There’s a genuinely impressive edge to the C-Crosser’s chassis, a welcome change for a Citroen. Despite the size and weight it is a surprisingly enjoyable car to drive. It’s easy to place on the road and will corner surprisingly hard for something with such a raised centre of gravity, though.
What distinguishes the C-Crosser dynamically is its lightness of touch and its well-weighted, well-judged steering. It’s so accurate that you can place that handsome nose with real precision on the road and, inevitably, this soon allows the car to shrink around you, far more so than in something like a Vauxhall Antara.
The Citroën even rides surprisingly well for a vehicle of its type, smoothing away most intrusions as if they don’t exist without being so soft as to allow the body to float around if you press on. Yes, there is an inevitable amount of body roll if you really lean on it through a fast corner, but even when it moves around, it does so in a controlled manner.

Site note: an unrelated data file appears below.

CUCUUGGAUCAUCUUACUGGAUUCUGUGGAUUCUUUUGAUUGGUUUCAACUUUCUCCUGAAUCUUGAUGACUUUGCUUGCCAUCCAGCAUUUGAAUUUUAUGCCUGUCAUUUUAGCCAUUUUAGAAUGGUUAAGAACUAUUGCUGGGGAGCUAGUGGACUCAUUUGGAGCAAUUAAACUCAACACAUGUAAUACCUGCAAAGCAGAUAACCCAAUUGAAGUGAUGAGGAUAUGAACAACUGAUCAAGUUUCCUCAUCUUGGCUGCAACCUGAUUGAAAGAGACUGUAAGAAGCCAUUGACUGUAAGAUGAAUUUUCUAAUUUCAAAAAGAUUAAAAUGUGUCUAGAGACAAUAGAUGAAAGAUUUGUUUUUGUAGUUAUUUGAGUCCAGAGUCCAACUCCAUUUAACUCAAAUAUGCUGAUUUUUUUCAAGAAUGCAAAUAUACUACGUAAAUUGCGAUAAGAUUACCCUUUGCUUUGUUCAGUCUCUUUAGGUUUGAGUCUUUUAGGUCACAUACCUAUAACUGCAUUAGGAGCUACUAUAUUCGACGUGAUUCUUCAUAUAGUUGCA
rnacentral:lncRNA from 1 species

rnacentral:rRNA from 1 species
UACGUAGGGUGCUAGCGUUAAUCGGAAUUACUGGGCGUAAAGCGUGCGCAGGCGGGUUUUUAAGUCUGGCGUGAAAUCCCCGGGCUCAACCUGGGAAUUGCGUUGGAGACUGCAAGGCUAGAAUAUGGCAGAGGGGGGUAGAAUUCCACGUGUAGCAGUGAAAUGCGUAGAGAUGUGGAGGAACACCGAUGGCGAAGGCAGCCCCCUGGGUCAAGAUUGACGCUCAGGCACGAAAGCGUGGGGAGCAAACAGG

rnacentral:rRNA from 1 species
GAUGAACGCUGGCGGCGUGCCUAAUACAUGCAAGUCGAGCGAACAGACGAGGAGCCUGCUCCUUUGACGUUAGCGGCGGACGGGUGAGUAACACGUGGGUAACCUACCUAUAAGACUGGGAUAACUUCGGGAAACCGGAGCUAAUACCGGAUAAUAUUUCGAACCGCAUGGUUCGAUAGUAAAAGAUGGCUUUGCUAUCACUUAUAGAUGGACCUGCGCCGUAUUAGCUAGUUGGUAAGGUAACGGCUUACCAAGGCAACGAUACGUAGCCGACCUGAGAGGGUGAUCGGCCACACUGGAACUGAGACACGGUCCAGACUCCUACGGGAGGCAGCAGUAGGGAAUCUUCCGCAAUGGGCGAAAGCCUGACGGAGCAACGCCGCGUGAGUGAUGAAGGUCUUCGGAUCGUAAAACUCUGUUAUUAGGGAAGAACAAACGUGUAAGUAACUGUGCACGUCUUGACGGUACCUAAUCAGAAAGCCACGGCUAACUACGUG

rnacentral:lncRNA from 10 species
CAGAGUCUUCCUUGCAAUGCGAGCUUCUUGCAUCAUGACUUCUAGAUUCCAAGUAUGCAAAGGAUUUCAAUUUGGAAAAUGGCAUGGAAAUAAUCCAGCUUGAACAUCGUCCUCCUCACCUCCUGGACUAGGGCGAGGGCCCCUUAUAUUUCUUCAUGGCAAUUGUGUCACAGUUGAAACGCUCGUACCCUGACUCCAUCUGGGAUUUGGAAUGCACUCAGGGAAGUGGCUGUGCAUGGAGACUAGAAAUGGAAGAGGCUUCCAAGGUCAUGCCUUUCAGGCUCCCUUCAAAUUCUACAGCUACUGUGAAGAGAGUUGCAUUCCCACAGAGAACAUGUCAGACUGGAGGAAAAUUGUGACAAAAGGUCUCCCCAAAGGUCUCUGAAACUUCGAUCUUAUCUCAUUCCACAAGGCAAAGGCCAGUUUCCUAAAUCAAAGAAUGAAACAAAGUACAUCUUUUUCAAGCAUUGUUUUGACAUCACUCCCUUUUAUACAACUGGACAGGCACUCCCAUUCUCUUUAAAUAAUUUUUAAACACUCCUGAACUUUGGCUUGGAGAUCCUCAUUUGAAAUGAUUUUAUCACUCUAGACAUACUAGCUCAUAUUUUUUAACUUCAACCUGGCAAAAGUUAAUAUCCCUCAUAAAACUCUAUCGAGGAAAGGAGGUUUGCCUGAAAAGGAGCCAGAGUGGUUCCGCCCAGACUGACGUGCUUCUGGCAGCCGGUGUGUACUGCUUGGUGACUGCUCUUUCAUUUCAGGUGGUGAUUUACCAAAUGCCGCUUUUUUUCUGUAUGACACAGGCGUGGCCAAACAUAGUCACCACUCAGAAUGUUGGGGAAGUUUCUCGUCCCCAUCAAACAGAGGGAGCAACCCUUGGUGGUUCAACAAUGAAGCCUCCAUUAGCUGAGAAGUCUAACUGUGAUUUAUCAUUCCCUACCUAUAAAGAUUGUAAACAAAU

The all-wheel drive system is probably over-engineered for the average owner’s needs. You engage the system by rotating a dial knob down by the gearlever, and you can do so at any time, and at any speed.
Although the ride isn’t quite as hushed or pliant as that of a Freelander, the body’s tautly controlled. Wind and road noise, the quality of the cabin materials, the notchy gearchange and the lack of reach adjustment on the steering wheel could all be improved upon, but they’re secondary criticisms.
Unlike the lack of originality that this car represents. For the car maker which gave us front-wheel drive, hydropneumatic suspension and disc brakes before any other, that could be a problem. Citroën customers may expect something more innovative.